The history of procurement was an area explored in a whitepaper from Global Public Procurement, which looked at the early days of sourcing, as well as how the industry developed over the years to become a proper profession.
But what have been some of the key points in the history of procurement and how has procurement developed over the years?
The concept of procurement has always been in existence. Maybe not in the same regulated way that it is now; but people and businesses have always had to purchase goods, material and labour to complete projects.
Think back to Rome – it wasn’t built in a day, and it certainly wasn’t built without effective suppliers. It was the same with the Pyramids – some form of procurement strategy would have been needed as part of the major construction project’s supply chain.
Although it’s likely that these procurement practices were much simpler, more corrupt and involved slavery, the work they completed still stands today, indicating that thousands of years before modern technology, strong supply chains could still be a reality.
Moving forward, a book written by Charles Babbage in 1832 titled ‘On the Economy of Machinery and Manufactures’ discussed the need for an introduction of a so-called ‘materials man’ in the mining industry. He said that the materials man should be someone who selects, purchases and tracks the goods used on a project – essentially the modern-day chief procurement officer.
How has procurement changed?
We’d be here all day if we discussed every single change that has taken place in the world of procurement over the past millennium and beyond, which is why we’ve highlighted just three of the most significant alterations below.
1. A more strategic approach to supply chain management
Charles Babbage had the right idea for what was needed back in 1832, but supply chain management has become much more structured over the following years.
Now, a proper strategy is needed to keep supply chain risk to a minimum, particularly as the role that an organisation’s supply chain plays in its day-to-day running has grown significantly.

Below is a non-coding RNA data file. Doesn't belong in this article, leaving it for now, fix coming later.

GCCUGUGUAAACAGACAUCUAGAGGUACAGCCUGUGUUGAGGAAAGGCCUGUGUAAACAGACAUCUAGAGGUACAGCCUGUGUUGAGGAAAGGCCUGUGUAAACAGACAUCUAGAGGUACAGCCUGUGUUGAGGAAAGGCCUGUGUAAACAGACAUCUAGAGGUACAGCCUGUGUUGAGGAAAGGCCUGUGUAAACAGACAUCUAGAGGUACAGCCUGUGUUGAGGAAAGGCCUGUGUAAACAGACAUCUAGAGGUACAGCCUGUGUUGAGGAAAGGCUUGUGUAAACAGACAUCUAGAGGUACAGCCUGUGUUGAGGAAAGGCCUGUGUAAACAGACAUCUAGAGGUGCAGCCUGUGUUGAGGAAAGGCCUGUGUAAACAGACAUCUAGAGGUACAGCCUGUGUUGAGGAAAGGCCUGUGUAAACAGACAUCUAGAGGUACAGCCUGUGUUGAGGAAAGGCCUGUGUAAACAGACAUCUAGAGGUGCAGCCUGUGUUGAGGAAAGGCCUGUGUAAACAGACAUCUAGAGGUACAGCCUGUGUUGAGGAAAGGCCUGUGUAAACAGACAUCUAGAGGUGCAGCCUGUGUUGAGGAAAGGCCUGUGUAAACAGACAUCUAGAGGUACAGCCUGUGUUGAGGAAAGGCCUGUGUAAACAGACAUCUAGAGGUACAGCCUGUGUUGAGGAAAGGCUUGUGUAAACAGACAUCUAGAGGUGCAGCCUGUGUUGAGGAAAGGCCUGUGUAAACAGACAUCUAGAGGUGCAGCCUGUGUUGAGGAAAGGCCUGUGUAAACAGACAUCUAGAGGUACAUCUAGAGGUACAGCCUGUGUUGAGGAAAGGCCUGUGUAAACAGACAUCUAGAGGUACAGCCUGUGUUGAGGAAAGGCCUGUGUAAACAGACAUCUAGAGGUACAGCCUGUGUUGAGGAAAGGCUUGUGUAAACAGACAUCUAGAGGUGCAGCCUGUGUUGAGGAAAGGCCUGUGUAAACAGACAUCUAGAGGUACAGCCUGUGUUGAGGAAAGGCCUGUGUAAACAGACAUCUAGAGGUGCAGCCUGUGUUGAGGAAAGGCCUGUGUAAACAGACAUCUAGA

This means supply chain visibility is now key, not just internally, but on a consumer-facing basis as well to prevent reputational damage – something that became especially evident following one of the most high-profile supply chain disasters of all time, the 2013 horse meat scandal.
2. The development of technology
Of course, technology has played a major part in changing the face of procurement for good.
From providing new ways to manage supplier data to allowing buyers to find out all sorts of information about the contractors they work with through tools such as the Achilles pre-qualification questionnaire, there is no going back from the changes these solutions have brought about.
While digital technology may have only begun to play a part in procurement around 50 years ago, this is one of the most significant changes to have altered the practice since its conception.
3. The abolishment of modern slavery
Although a more recent development than the others – the Modern Slavery Act was only introduced in the UK in October 2015 – this is a key step in the future of supply chain management.
Slavery has been present in supply chains since ancient times, and although it was abolished in the 1800s, the practice still exists in some parts of the world.
Following the introduction of the new act, buyers can face significant penalties if their supply chains are found to feature modern slavery – something that could permanently damage their finances, reputation and legal standing.
What’s next for procurement, and how can Achilles help?
As we enter into a new year, what might the future hold for procurement?
Some of the biggest learning curves for supply chain management have come in the past few years. The foundations of the concept were established back in ancient times, but as the world becomes increasingly digital and visible in equal measures, buyers still have some way to go before their procurement strategies are perfect.
At Achilles, we understand that nobody’s perfect, but we have developed solutions to help buyers along the way.
For instance, our cloud-based communities model allows for enhanced collaboration between buyers and suppliers, improving supply chain visibility and allowing procurement teams to make better-informed decisions about the contractors they want to work with, meaning they can keep the level of risk facing their business to a minimum.
What’s more, Achilles Supply Chain Mapping enables buyers to innovatively delve into multiple tiers of their supply chains, finding out who exactly their suppliers are, where they are based and what risk factors may be affecting them.
As supply chains develop further over the coming years and new technology comes into play, it is likely that the procurement departments of tomorrow will become once again unrecognisable from those of today – but each will remain founded on those basic principles first outlined thousands of years ago.